Original URL: http://www.theregister.co.uk/2009/04/21/amazon_v_amazee/
Tree huggers will confuse shoppers, says Amazon
Amazon.com is an immensely popular online storefront that sells everything from books and groceries to virtual timeshares of its extensive data center infrastructure.
Amazee is a Switzerland-based, social "collaboration website" made for social activists and protestors to organize, promote, and fund their public uprisings and Earth-saving efforts.
While the two websites offer distinct services, Amazon.com is none too pleased about the "amaz" the two sites share, and is trying to block Amazee's US trademark application.
And Amazee's not taking it lying down. The organization's launched a site to stir up public support for their naming battle, saying its "peaceful and cooperative efforts to reach an amicable solution have not borne any fruits."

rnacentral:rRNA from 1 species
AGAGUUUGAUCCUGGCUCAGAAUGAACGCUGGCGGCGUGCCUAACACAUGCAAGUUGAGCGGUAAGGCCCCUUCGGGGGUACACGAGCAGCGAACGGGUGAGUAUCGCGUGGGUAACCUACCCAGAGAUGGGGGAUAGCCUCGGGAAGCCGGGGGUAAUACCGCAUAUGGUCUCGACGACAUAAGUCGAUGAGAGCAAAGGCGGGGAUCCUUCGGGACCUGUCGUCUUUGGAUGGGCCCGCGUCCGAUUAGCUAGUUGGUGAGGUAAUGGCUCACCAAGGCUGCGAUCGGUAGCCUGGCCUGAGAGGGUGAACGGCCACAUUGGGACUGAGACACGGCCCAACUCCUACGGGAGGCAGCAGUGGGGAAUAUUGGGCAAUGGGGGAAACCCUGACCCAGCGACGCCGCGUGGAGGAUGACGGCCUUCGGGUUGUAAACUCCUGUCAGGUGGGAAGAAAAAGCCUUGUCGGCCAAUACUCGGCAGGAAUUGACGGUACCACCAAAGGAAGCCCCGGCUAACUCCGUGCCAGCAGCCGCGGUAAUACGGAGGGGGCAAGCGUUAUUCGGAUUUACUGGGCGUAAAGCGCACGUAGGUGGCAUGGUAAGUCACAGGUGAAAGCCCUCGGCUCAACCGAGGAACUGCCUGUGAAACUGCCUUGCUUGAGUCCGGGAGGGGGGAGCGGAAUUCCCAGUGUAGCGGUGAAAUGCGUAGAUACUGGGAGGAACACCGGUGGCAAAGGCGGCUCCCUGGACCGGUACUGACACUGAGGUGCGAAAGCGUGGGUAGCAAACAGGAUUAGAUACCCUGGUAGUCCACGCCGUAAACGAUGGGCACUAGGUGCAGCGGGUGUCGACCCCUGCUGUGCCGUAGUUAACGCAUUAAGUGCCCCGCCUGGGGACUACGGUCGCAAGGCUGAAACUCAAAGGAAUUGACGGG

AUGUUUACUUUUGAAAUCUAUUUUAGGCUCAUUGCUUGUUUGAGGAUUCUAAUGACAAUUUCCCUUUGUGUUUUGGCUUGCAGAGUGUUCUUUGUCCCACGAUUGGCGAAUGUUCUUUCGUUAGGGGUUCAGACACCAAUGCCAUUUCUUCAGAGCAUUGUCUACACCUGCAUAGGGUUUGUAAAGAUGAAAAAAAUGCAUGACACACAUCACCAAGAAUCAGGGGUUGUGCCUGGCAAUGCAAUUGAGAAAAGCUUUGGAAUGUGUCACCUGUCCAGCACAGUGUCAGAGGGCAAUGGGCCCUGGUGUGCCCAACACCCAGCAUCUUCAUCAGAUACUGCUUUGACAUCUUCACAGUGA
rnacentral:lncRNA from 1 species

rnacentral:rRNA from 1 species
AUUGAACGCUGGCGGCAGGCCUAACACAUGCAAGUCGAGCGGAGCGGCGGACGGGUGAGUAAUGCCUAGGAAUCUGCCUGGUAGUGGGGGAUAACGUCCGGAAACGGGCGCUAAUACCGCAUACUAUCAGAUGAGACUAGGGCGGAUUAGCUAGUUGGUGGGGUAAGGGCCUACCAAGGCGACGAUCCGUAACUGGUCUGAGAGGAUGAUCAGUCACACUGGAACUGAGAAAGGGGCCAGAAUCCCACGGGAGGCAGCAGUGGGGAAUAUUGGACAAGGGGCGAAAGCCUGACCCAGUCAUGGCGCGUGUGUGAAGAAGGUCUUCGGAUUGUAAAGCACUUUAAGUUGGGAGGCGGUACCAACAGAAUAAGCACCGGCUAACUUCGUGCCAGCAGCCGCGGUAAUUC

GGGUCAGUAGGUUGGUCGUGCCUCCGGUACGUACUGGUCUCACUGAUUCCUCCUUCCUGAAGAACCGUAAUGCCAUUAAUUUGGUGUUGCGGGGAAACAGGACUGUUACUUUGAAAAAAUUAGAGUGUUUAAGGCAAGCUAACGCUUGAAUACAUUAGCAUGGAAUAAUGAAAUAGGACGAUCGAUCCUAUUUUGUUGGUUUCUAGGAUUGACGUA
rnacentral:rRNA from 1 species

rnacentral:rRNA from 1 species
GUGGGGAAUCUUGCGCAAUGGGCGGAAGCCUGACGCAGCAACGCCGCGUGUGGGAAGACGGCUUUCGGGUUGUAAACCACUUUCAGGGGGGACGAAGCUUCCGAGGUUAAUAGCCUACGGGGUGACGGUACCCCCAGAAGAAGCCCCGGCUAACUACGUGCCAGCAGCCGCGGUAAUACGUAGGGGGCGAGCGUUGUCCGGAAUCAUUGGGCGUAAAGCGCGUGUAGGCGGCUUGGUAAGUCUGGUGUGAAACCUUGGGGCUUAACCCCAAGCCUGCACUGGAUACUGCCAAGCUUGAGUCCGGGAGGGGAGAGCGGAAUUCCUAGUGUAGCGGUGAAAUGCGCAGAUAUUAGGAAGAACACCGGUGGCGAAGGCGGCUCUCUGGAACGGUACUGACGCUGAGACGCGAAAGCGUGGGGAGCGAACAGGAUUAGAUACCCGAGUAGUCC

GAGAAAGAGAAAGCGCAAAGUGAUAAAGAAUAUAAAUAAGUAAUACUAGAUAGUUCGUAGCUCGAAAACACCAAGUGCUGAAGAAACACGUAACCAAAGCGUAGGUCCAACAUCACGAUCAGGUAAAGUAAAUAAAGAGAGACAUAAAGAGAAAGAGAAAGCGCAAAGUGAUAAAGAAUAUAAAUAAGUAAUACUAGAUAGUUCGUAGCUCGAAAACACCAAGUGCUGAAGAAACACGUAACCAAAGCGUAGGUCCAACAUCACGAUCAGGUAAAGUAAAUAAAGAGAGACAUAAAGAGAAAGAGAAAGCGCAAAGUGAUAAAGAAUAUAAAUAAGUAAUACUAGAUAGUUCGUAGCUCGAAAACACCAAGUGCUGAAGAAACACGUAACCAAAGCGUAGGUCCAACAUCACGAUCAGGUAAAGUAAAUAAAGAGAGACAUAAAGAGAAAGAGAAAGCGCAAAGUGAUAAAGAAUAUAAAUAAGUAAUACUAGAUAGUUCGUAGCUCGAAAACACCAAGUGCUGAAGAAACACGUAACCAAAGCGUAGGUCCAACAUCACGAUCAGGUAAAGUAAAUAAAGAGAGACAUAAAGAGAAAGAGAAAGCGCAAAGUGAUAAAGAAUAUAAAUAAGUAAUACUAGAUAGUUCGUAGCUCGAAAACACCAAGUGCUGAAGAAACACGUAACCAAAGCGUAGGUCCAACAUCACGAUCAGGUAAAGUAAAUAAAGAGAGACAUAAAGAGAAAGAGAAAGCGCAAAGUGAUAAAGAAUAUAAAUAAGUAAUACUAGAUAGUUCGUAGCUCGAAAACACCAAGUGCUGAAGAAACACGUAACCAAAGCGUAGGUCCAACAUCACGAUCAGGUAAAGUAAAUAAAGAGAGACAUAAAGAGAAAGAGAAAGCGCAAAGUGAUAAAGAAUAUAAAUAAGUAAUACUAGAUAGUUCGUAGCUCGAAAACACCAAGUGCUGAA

According to the US Patent and Trademark Office, Amazon.com has been objecting to Amazee's name since the beginning of this year. Amazon attorneys say the average person won't appreciate the differences between Amazon and Amazee, thus leading to consumer confusion between the two brands. Apparently, a customer shopping for tasteful shoes online may accidentally wind up rescuing atrophied kangaroos from a shampoo testing compound or something.
From Amazee's blog:
This, as you can imagine, is very annoying for us. We see no danger of confusion. Our name comes from the word "amazing", theirs from the mighty Amazon river. We have no intention of selling books, CDs, or whatever Amazon has in stock.
As of publication, Amazon hasn't returned our requests for comment. But if the company's plan was to stop Amazee from using its good name as a promotional vehicle the attempts to block the trademark is certainly not working as intended. Amazon has inadvertently become the best publicist Amazee could wish for. ®